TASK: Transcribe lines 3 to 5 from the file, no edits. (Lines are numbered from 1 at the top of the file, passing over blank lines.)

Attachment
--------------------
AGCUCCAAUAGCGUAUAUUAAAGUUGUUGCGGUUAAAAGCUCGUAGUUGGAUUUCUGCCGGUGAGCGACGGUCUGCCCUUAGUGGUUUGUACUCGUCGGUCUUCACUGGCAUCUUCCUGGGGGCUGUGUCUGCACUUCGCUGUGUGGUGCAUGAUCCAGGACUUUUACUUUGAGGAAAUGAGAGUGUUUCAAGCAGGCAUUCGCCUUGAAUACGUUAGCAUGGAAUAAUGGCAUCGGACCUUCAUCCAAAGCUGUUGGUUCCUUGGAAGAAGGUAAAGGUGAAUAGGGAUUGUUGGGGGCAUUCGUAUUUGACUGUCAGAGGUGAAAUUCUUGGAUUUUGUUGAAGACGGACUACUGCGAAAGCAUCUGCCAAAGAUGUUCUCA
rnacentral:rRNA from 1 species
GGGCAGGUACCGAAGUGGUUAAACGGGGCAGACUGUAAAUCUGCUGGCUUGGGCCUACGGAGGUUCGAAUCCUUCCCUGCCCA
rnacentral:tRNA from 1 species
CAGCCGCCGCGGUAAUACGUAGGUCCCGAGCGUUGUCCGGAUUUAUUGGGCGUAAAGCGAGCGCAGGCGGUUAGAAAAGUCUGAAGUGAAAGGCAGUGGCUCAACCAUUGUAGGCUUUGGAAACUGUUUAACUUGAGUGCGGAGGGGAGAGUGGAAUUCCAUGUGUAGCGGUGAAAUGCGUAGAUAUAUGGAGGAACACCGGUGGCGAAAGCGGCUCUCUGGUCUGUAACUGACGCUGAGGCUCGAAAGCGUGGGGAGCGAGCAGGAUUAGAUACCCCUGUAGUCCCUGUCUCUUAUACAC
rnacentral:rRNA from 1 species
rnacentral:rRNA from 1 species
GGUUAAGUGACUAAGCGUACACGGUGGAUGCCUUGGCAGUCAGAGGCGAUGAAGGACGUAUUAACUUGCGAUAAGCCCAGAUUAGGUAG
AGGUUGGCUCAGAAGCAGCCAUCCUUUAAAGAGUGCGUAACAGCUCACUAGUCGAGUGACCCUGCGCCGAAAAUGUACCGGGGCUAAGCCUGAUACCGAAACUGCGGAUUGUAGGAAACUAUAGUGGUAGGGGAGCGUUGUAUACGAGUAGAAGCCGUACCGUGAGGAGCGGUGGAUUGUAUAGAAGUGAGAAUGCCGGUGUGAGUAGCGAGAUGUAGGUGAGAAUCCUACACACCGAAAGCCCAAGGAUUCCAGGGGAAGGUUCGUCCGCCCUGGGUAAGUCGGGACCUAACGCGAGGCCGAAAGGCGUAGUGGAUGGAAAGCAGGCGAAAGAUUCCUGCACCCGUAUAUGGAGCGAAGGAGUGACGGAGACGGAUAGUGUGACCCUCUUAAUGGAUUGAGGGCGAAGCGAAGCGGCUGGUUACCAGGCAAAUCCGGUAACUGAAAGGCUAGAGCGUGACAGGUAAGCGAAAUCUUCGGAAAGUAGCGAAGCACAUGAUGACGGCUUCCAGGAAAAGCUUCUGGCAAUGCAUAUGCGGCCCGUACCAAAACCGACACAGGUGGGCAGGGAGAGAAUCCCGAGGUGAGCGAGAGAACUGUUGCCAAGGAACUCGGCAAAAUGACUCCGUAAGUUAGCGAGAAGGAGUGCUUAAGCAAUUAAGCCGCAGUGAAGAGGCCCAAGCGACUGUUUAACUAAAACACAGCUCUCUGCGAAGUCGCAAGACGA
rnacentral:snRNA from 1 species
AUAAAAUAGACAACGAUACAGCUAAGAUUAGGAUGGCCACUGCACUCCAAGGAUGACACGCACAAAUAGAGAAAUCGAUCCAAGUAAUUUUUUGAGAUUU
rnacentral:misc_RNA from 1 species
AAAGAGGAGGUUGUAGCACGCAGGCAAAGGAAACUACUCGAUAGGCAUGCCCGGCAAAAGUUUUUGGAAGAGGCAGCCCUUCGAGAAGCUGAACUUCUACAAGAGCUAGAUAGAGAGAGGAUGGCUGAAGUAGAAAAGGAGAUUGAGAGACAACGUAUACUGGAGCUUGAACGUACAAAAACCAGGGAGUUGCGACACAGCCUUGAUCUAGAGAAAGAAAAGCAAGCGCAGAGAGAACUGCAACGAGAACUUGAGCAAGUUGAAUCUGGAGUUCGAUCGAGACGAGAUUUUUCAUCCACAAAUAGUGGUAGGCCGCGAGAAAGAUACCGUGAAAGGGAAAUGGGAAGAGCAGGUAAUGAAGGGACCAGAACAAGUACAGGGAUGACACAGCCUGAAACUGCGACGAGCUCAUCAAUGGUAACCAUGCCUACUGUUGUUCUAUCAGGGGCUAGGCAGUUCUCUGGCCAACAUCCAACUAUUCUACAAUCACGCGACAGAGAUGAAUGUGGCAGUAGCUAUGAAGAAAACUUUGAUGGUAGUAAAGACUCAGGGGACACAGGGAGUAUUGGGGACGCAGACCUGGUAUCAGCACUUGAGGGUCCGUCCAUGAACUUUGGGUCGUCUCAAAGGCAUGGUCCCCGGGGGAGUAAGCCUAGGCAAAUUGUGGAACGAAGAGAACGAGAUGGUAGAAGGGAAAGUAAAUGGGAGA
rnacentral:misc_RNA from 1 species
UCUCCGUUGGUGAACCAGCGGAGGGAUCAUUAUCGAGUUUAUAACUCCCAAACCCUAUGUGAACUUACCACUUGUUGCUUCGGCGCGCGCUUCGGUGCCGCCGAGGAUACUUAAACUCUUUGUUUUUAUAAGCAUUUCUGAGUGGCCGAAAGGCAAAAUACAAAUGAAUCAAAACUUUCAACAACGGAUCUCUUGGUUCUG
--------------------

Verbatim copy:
GGGCAGGUACCGAAGUGGUUAAACGGGGCAGACUGUAAAUCUGCUGGCUUGGGCCUACGGAGGUUCGAAUCCUUCCCUGCCCA
rnacentral:tRNA from 1 species
CAGCCGCCGCGGUAAUACGUAGGUCCCGAGCGUUGUCCGGAUUUAUUGGGCGUAAAGCGAGCGCAGGCGGUUAGAAAAGUCUGAAGUGAAAGGCAGUGGCUCAACCAUUGUAGGCUUUGGAAACUGUUUAACUUGAGUGCGGAGGGGAGAGUGGAAUUCCAUGUGUAGCGGUGAAAUGCGUAGAUAUAUGGAGGAACACCGGUGGCGAAAGCGGCUCUCUGGUCUGUAACUGACGCUGAGGCUCGAAAGCGUGGGGAGCGAGCAGGAUUAGAUACCCCUGUAGUCCCUGUCUCUUAUACAC